"Nothing is too wonderful to be true if it be consistent with the laws of nature." -Michael Faraday
fledarmus
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Things that have been successful in my lab:

1. Rocking the stopper back and forth with your thumb while the rest of your hand supports the joint rather than rotating the stopper can help.

2. Since the flask contains a sodium hydroxide solution, immersing the entire flask in warm (not hot) water for an hour or so might also help, occasionally rocking the stopper gently under water. Tapping the outside of the joint lightly and rapidly with a rubber hammer or stopper, or pressing a hard vibrator against it while it is under water may also help free it. If you have a sonicator you can soak it in, that is even better. You want at least the stopper and the neck of the flask completely submerged.

3. Suspending the flask by the stopper less than half an inch above a soft surface (hot pad or rubber pad) and gently tapping down on the edge of the opening around the stopper with a rubber or wooden hammer or pressing a hard vibrator against the outside of the joint might work.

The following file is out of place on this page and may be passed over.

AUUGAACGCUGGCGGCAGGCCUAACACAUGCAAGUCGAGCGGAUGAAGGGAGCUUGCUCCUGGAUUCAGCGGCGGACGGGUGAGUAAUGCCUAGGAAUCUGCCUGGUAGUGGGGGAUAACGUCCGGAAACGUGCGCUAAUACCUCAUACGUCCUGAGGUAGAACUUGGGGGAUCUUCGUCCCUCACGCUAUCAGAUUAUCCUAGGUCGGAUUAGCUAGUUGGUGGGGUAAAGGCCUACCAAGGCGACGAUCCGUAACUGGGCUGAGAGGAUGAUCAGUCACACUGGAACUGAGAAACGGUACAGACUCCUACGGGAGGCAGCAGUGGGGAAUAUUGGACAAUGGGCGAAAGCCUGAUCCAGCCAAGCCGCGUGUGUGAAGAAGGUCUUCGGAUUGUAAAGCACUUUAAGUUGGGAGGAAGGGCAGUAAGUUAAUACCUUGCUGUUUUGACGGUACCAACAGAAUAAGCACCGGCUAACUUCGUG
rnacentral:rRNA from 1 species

Warning - wear gloves while trying any of these, and try to find a pair that will actually protect you from broken glass. The latex gloves won't even protect you from an aqueous solution if you've ripped them and your skin open with a jagged piece of glass, but even cloth gloves will protect you from the sodium hydroxide long enough for you to strip them off and wash your hands if you break the flask. Also wear safety glasses. 1M sodium hydroxide is not particularly hazardous but you don't want it in contact with your skin for too long - make sure you know where the sink and safety shower are before you start. If you have a lab coat or apron, that can keep you from having to strip off your shirt quickly if you happen to drop the flask against the desktop and it shatters and splashes on you. This is not a typical lab operation and the chances are reasonable that something will break before you get the stopper out. It doesn't hurt to be prepared.